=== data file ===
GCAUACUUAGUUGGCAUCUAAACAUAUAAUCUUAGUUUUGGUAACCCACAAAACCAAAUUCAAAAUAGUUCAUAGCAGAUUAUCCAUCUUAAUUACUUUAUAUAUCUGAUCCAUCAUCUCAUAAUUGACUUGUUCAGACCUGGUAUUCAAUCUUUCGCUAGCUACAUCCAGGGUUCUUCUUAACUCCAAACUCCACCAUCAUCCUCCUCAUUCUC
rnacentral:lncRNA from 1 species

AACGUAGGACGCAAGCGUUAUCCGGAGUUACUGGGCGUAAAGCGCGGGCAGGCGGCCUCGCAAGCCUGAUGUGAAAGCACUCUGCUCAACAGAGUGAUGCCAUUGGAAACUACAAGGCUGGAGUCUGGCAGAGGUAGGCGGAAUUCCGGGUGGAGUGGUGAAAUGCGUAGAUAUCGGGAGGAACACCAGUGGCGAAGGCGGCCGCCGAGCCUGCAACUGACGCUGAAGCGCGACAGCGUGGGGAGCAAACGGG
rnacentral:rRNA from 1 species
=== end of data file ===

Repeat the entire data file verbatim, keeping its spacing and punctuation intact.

GCAUACUUAGUUGGCAUCUAAACAUAUAAUCUUAGUUUUGGUAACCCACAAAACCAAAUUCAAAAUAGUUCAUAGCAGAUUAUCCAUCUUAAUUACUUUAUAUAUCUGAUCCAUCAUCUCAUAAUUGACUUGUUCAGACCUGGUAUUCAAUCUUUCGCUAGCUACAUCCAGGGUUCUUCUUAACUCCAAACUCCACCAUCAUCCUCCUCAUUCUC
rnacentral:lncRNA from 1 species

AACGUAGGACGCAAGCGUUAUCCGGAGUUACUGGGCGUAAAGCGCGGGCAGGCGGCCUCGCAAGCCUGAUGUGAAAGCACUCUGCUCAACAGAGUGAUGCCAUUGGAAACUACAAGGCUGGAGUCUGGCAGAGGUAGGCGGAAUUCCGGGUGGAGUGGUGAAAUGCGUAGAUAUCGGGAGGAACACCAGUGGCGAAGGCGGCCGCCGAGCCUGCAACUGACGCUGAAGCGCGACAGCGUGGGGAGCAAACGGG
rnacentral:rRNA from 1 species